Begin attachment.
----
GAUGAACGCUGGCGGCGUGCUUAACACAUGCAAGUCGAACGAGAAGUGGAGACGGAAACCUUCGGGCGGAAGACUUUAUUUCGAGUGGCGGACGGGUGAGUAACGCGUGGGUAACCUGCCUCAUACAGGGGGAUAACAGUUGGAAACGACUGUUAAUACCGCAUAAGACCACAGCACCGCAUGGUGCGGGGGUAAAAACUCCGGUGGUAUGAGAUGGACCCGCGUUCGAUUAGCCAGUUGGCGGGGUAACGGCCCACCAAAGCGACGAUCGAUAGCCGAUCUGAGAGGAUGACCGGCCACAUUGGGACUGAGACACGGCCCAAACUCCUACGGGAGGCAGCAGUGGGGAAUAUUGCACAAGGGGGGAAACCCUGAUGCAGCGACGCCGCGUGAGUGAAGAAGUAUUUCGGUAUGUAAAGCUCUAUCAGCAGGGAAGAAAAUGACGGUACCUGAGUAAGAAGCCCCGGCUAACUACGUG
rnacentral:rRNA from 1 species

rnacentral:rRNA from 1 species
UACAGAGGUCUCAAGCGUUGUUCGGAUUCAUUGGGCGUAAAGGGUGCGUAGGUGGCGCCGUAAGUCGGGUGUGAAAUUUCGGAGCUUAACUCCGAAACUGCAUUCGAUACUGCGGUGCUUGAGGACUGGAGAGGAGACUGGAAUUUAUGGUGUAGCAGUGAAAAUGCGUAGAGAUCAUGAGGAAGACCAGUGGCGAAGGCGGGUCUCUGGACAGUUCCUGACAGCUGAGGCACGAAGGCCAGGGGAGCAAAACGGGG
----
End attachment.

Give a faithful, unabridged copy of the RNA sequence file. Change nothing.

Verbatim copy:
GAUGAACGCUGGCGGCGUGCUUAACACAUGCAAGUCGAACGAGAAGUGGAGACGGAAACCUUCGGGCGGAAGACUUUAUUUCGAGUGGCGGACGGGUGAGUAACGCGUGGGUAACCUGCCUCAUACAGGGGGAUAACAGUUGGAAACGACUGUUAAUACCGCAUAAGACCACAGCACCGCAUGGUGCGGGGGUAAAAACUCCGGUGGUAUGAGAUGGACCCGCGUUCGAUUAGCCAGUUGGCGGGGUAACGGCCCACCAAAGCGACGAUCGAUAGCCGAUCUGAGAGGAUGACCGGCCACAUUGGGACUGAGACACGGCCCAAACUCCUACGGGAGGCAGCAGUGGGGAAUAUUGCACAAGGGGGGAAACCCUGAUGCAGCGACGCCGCGUGAGUGAAGAAGUAUUUCGGUAUGUAAAGCUCUAUCAGCAGGGAAGAAAAUGACGGUACCUGAGUAAGAAGCCCCGGCUAACUACGUG
rnacentral:rRNA from 1 species

rnacentral:rRNA from 1 species
UACAGAGGUCUCAAGCGUUGUUCGGAUUCAUUGGGCGUAAAGGGUGCGUAGGUGGCGCCGUAAGUCGGGUGUGAAAUUUCGGAGCUUAACUCCGAAACUGCAUUCGAUACUGCGGUGCUUGAGGACUGGAGAGGAGACUGGAAUUUAUGGUGUAGCAGUGAAAAUGCGUAGAGAUCAUGAGGAAGACCAGUGGCGAAGGCGGGUCUCUGGACAGUUCCUGACAGCUGAGGCACGAAGGCCAGGGGAGCAAAACGGGG